In 1886, due to the arrival of the first train in Estillville, Scott County began to swell in population. The people desired an improved free public school system, and they chose twenty-six year old Professor W. D. Smith to inaugurate and conduct such a system.
He found, upon assuming his duties, that teachers with a good general education were unavailable. Ladies did not teach because it was generally conceded that a woman would be unable to "lay on the lash" as effectively as a man. Therefore, farmers, preachers, and others desiring work during late fall and early winter were hired to teach for $75.00 per term, if that sum became available from the county treasury. Curriculum included reading, writing, spelling, arithmetic, grammar, geography, and history - offered in direct proportion to the teacher's ability to diagram the sentences and solve the sums.
Professor Smith was convinced of the fact that qualified teachers were essential for the educational improvement he sought. He turned to the previously poorly-attended summer institutes for teacher training and raised them by the force of his personality to new life and purpose. Through the much-needed study of subject matter and a pioneer study of methods, teachers of the old school were developed and inspired; new teachers, including women, entered the profession with a spirit of innovation and progress. Often having one hundred per cent of his teachers in attendance at the summer institutes, the superintendent was able to break the former bondage of teacher to textbook and thus awaken the spirit of inquiry. He also added dignity to the profession by raising scholarship standards for certification and by inducing school trustees to raise teacher's salaries. Teaching in the public school in Scott County now became a first-choice life work rather than a spare-time diversion to be endured for extra cash.
Other work lay before Professor Smith. Upon becoming Superintendent, he found Scott County school property valued at $2000. Building were makeshift affairs, in that churches, old log houses, and dirt daub cabins were being used to house students. Comforts of heat, desks, books, charts, and even the most rudimentary school equipment were missing. The pupil of 1886 knew all about split-log seats, the open fireplace, the rudely constructed chalkboard, and an eraser that consisted of a tightly closed fist.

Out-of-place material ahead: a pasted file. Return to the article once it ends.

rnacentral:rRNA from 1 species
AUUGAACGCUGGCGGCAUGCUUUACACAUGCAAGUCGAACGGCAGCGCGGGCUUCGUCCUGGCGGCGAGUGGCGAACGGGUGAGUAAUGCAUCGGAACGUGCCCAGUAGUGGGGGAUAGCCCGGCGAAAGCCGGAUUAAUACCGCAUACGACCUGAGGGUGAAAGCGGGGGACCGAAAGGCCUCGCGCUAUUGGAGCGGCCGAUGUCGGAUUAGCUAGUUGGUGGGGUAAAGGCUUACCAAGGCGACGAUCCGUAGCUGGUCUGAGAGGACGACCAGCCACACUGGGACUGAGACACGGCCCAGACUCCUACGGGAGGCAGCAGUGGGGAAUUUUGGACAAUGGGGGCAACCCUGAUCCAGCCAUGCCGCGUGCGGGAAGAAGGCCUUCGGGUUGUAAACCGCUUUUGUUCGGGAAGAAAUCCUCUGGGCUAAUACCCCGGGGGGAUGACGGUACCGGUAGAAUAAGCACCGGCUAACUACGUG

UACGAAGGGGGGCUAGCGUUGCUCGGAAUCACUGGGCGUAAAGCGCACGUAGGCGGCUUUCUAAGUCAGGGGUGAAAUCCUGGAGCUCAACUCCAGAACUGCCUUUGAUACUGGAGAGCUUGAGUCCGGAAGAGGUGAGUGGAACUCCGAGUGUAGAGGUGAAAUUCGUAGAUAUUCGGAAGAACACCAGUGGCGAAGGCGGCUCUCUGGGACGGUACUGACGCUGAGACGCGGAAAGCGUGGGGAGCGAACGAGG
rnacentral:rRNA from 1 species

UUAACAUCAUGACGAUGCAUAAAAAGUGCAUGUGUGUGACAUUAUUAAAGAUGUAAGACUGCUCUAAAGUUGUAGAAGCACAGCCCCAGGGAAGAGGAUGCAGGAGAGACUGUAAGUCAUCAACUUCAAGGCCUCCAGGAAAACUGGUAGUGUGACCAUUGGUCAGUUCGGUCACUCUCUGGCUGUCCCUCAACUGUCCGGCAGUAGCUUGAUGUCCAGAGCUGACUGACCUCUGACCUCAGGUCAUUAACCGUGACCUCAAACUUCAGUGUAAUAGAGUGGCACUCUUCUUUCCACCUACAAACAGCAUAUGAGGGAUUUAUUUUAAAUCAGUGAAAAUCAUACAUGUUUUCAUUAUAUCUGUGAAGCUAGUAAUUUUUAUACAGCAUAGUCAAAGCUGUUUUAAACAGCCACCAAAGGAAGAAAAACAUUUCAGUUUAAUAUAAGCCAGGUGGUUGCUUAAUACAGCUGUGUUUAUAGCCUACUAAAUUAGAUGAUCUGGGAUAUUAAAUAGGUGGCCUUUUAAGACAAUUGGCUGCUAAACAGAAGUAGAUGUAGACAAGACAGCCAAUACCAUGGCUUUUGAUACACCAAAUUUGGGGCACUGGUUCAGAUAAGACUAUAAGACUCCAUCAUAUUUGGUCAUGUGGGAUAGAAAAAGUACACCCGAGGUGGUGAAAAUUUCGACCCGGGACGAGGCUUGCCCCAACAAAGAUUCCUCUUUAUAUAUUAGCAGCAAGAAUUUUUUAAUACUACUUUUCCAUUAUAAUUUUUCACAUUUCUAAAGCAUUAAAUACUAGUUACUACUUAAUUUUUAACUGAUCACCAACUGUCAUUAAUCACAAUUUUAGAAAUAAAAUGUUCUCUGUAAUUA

The superintendent saw these conditions as a detriment to the ambition of Scott County's young scholars. He began supplanting existing schools with neat frame and brick buildings erected in accordance with approved plans of school architecture, so that when he left office in 1937, county school property was valued at nearly $700,000. Also, in 1937, nine thousand children were receiving education in seven accredited high schools, three junior high schools, and sixty-three elementary schools served by bus transportation. These statistics seem remarkable in light of the fact that at this time, Southwest Virginia had more children in school in proportion to the number of taxpayers than any other part of the state.
The educational efforts of W. D. Smith were not confined to elementary and secondary education. He was an effective worker in securing the establishment in 1897 of Shoemaker College in Estillville, and he served as president of its board of trustees for many years until the college became a secondary school. He was also appointed to the board of visitors of the College of William and Mary, the State Teacher's College at Radford, and Virginia Intermont College in Bristol.
The story of Mr. Smith's educational career is incomplete without reference to his actions as a man, separate from the superintendency. All along the road of his service to Scott County stood poor boys and girls whom he aided in their efforts to rise above the humble circumstances into which they, like him, had been born. Charitable with both his money and his time, he extended a helping hand to eager young people minus any reference to future obligation. His reward was seeing these young citizens enter the service of humanity in their chosen professions.
W. D. Smith was remarkably successful as a politician. His tireless, sagacious spirit recommended him as a party leader; and in 1890 he was made chairman of the Democratic Party in Scott County, a position he held for four years. In 1898 he was appointed a member of the Democratic committee for the Ninth Congressional District, and in 1900 was elected chairman of that committee by the Democratic committee at Norfolk. His executive ability now had a suitable stage for action, and he carried the banner forcefully. Although he faced the strongest kind of opposition, it has been said he never lost a political fight. More than once his friends and fellow-Democrats sought to reward his devotion to the party by placing his name on the state ticket; but each time he decided, preferring his duties as an educator, a husband and a father to statewide acclaim.
It was a school teacher who captured the heart of W. D. Smith. Sallie Lou Minnich, daughter of Edmond Minnich and Sara Jane Benham, was born December 14, 1865. Of Scotch-Irish origin, she was a lineal descendant of Peter Livingston, one of the earliest and most illustrious pioneers of Southwest Virginia. The Minnich family made their home in the Early Grove community of Scott, near Washington ounty. Sallie Lou was the first of ten children supported by her father's 150-acre farm.